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What Print drivers are required on Windows Server 2003 32-bit for Print Redirection to 64-bit Windows 7

    Question

  • I am trying to add print driver(s) to Windows Server 2003 R2 (32-bit) to enable a 64-bit Windows 7 client running a Remote Desktop session on the Terminal Server to print to a printer that is local, i.e. attached to the Windows 7 client. On the Windows Server 2003 I go into Printers and Faxes, File | Server Properties, click on the Drivers tab and in the Add Printer Driver Wizard I am presented with 5 options, of which I think two might be relevant:

    x64 Windows XP, Windows Server 2003

    x86 Windows 2000, Windows XP and Windows Server 2003

    Should I be ticking the first box (on the grounds that I want to print via a 64-bit machine) or the second box (on the grounds that I am installing on a 32-bit machine) or both?

    If someone could answer this, I may have a better idea why Printer Redirection is not working in this case (though it is working for printers attached to 32-bit XP clients). What I've actually done so far is to install a DELL AIO 810 Printer Driver for the the second option (x86). This printer now shows up in the Remote users list of Printers (DELL AIO 810 Printer on Session xx) when she prints from a Remote session. But when she selects this a clicks Print, nothing is printed. However a window pops up on the Windows Server 2003 monitor saying that it can't connect to the DELL AIO 810 Printer and suggesting I connect the Terminal Server directly to the (remote) Printer, so clearly the setup is wrong in some way. I tried to install in addition a Windows 7 driver but the installation failed because the driver files I pointed to were missing some 64-bit Operating System dlls.

    Friday, May 13, 2011 4:13 PM

Answers

  •  I believe you'll need to make both 32bit and 64bit drivers available by installing both drivers.

    Assuming you don't have any 64 bit clients, and no Server OSes that would be connecting via RD, you should only need to select the 'x86 Windows 2000, Windows XP and Windows Server 2003' option.  If you have 64 bit clients connecting then select both options.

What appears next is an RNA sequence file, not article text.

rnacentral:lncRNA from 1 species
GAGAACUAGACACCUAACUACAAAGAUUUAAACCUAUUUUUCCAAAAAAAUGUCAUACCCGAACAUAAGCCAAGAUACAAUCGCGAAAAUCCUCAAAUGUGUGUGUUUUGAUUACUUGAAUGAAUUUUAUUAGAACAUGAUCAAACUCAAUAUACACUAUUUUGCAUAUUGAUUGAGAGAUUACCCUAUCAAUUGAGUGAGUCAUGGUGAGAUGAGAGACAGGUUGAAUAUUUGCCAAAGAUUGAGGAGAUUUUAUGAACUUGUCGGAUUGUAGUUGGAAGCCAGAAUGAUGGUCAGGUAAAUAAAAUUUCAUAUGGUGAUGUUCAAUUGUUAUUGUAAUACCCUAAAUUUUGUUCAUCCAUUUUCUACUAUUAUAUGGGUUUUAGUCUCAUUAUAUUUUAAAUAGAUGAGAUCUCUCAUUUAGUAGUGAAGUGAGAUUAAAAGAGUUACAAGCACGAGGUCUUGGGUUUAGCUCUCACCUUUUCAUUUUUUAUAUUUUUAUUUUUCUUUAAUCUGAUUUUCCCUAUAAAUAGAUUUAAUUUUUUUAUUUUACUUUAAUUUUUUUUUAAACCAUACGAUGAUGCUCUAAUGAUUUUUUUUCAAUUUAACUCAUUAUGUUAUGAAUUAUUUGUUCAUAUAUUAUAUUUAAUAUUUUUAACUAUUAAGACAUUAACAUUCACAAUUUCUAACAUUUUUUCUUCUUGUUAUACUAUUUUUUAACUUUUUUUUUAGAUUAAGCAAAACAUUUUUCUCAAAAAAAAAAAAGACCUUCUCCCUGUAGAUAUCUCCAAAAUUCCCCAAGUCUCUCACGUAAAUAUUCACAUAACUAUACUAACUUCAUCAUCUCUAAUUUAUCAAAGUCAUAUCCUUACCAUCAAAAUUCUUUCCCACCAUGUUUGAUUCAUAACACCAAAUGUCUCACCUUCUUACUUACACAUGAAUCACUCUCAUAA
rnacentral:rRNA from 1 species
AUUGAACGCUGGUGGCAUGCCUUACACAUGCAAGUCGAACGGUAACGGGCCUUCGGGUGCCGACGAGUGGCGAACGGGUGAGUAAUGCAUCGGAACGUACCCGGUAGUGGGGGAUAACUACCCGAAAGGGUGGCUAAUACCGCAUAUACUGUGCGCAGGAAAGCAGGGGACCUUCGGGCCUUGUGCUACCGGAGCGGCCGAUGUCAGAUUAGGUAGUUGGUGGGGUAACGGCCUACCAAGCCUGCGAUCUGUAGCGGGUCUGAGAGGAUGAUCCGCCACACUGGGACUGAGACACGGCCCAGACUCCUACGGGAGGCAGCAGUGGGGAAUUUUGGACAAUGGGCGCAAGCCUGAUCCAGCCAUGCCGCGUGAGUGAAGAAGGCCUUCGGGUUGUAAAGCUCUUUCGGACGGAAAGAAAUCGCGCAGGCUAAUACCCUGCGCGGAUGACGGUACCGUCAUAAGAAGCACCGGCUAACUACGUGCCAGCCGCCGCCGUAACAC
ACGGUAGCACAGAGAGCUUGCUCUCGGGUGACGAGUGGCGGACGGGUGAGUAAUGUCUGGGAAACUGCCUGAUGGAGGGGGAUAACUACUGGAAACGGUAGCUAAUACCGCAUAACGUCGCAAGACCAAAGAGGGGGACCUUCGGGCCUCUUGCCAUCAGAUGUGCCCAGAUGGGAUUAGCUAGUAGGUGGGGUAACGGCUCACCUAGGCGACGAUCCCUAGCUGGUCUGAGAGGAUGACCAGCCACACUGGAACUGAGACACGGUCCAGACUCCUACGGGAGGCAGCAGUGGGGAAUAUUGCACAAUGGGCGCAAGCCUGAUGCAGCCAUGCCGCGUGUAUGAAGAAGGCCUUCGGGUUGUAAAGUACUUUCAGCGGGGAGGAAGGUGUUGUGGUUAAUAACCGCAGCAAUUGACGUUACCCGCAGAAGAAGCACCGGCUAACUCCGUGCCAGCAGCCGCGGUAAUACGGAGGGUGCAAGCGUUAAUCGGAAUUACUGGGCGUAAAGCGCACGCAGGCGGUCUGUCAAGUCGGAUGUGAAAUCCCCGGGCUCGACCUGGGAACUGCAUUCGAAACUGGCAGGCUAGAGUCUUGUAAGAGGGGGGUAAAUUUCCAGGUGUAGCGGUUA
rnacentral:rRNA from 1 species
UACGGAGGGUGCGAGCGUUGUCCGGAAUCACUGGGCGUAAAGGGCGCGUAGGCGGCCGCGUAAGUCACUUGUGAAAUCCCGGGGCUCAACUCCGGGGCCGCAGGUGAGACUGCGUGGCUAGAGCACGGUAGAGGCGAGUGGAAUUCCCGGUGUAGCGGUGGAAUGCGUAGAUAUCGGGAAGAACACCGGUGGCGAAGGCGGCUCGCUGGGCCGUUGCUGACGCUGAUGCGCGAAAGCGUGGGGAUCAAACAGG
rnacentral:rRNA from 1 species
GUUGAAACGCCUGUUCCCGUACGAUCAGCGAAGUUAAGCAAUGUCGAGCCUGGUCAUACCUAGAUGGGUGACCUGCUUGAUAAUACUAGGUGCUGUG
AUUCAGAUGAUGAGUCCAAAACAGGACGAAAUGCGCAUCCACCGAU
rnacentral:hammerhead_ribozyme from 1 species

Wednesday, May 18, 2011 12:28 AM
  • Hi,

    The correct driver to install is the 32-bit one, since your server is running 32-bit windows.  Based on what you have written it is clear that the driver is not compatible with terminal services.  Sending a popup window to the system console is a sign of a driver not written for TS.

    If you cannot find a compatible driver then you will not be able to use this printer under 2003 TS unless you purchase a third-party TS Universal Printer Driver solution.  I would not by a TS UPD just for one printer though since they not cheap.

    When purchasing a printer look for one that natively understands PCL/PS and has a small, no-frills WHQL-certified driver for the server's OS in addition to one for the client's OS.

    -TP

    Monday, May 23, 2011 3:50 AM
    Moderator

All replies

  •  I believe you'll need to make both 32bit and 64bit drivers available by installing both drivers.

    Assuming you don't have any 64 bit clients, and no Server OSes that would be connecting via RD, you should only need to select the 'x86 Windows 2000, Windows XP and Windows Server 2003' option.  If you have 64 bit clients connecting then select both options.

    Wednesday, May 18, 2011 12:28 AM
  • Hi,

    The correct driver to install is the 32-bit one, since your server is running 32-bit windows.  Based on what you have written it is clear that the driver is not compatible with terminal services.  Sending a popup window to the system console is a sign of a driver not written for TS.

    If you cannot find a compatible driver then you will not be able to use this printer under 2003 TS unless you purchase a third-party TS Universal Printer Driver solution.  I would not by a TS UPD just for one printer though since they not cheap.

    When purchasing a printer look for one that natively understands PCL/PS and has a small, no-frills WHQL-certified driver for the server's OS in addition to one for the client's OS.

    -TP

    Monday, May 23, 2011 3:50 AM
    Moderator
  • Pretty frustrating to read this, and I'm sure for Ben as well, since he clearly states in his post that he wants to be able to print to a printer connected to a 64-bit Windows 7 client on a 2003 TS.  I'm looking for an answer to the same issue for a different printer.  In the past I have made this work by first installing the proper drivers to a Win 7-64 machine, as if it were a local install.  Then, when you attempt to connect to the network printer of the same model, Win 7 will go through a process of trying to find drivers.  It will find the ones you have installed and push them up to the server.  From then on, any Win 7-64 clients that connect will find that driver and should be able to work.  The terminal server throws and extra wrinkle into it, but I'm trying this method now and if I find a way through it I'll let you know.  I'm trying to install the driver to my Win 7-64 machine even though I don't have the printer itself here.  We'll see.
    Thursday, June 09, 2011 4:51 PM